Chris Matthews' point about Barack Hussein Obama II being "American exceptionalism" personified is vindicated in the chapter in which Mr. Maraniss details the courtship of Stanley Ann Dunham and Barack H. Obama after meeting in a Russian studies class.

The eventual convergence of the two family lines is as remarkable as it is unlikely given the odds against it at the time. That it could produce a child who would eventually ascend to the presidency of the United States is so bewildering that one is tempted to agree that the birthers must have a point.

Fortunately, the groundwork Mr. Maraniss put into documenting the intersection of these two families provides the most reliable narrative to date explaining how Barack Obama came into the world.

In doing so, Mr. Maraniss contradicts not only the pernicious fantasies of the "birthers" but, to some extent, the self-mythologizing of the president in his autobiography "Dreams From My Father."

Many of the more sensationalist elements of Mr. Maraniss' book -- Mr. Obama's drug use, the testimony of ex-girlfriends who appear as composites in Mr. Obama's book, his struggles with racial identity, his resentment of his mother's absence from his life -- have been commented on extensively.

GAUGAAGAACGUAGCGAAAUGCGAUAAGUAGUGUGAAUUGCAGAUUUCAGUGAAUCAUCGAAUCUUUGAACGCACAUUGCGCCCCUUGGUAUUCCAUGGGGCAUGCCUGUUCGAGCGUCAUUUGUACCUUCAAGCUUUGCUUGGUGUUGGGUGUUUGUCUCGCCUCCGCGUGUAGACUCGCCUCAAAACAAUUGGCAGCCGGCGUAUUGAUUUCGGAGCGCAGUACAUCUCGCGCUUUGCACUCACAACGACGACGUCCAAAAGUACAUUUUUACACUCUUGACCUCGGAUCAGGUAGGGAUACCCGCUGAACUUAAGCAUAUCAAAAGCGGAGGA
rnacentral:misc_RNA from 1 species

The problem with reading excerpts from the book in the pages of publications like Vanity Fair is that separated from the rest of Mr. Maraniss' meticulous storytelling, the anecdotes cast a superficial light on a very complex subject.

The political press is titillated by the interracial sex and the clouds of marijuana smoke on the pages of this book, but less engaged by accounts of Mr. Obama's religious existentialism and periods of asceticism in Harlem because most journalists can't relate to such things.

Mr. Maraniss is at his absolute best when he is correcting the record Mr. Obama himself has obscured in his own highly poetic account of his life. The author interviewed hundreds of people, including Mr. Obama, and has pieced together what is without a doubt the most reliable and comprehensive account to date of our 44th president's formative years.

In doing so, Mr. Maraniss has given a disproportionate amount of ink to minor characters and their history that, in retrospect, aren't necessary for understanding Mr. Obama. He could have easily shaved 150 pages from the narrative and not lost the forward momentum.

The next volume should be a doozy now that Mr. Maraniss has established the ground work that helps us understand who and what kind of man the president is. When the sequel emerges sometime in the middle of Mr. Obama's second term (or in Mitt Romney's first), it will either confirm the wisdom of the American people for re-electing him or make us wistful for a time when presidents were audacious enough to have truly interesting biographies.


Tony Norman is a Post-Gazette columnist: or 412-263-1631.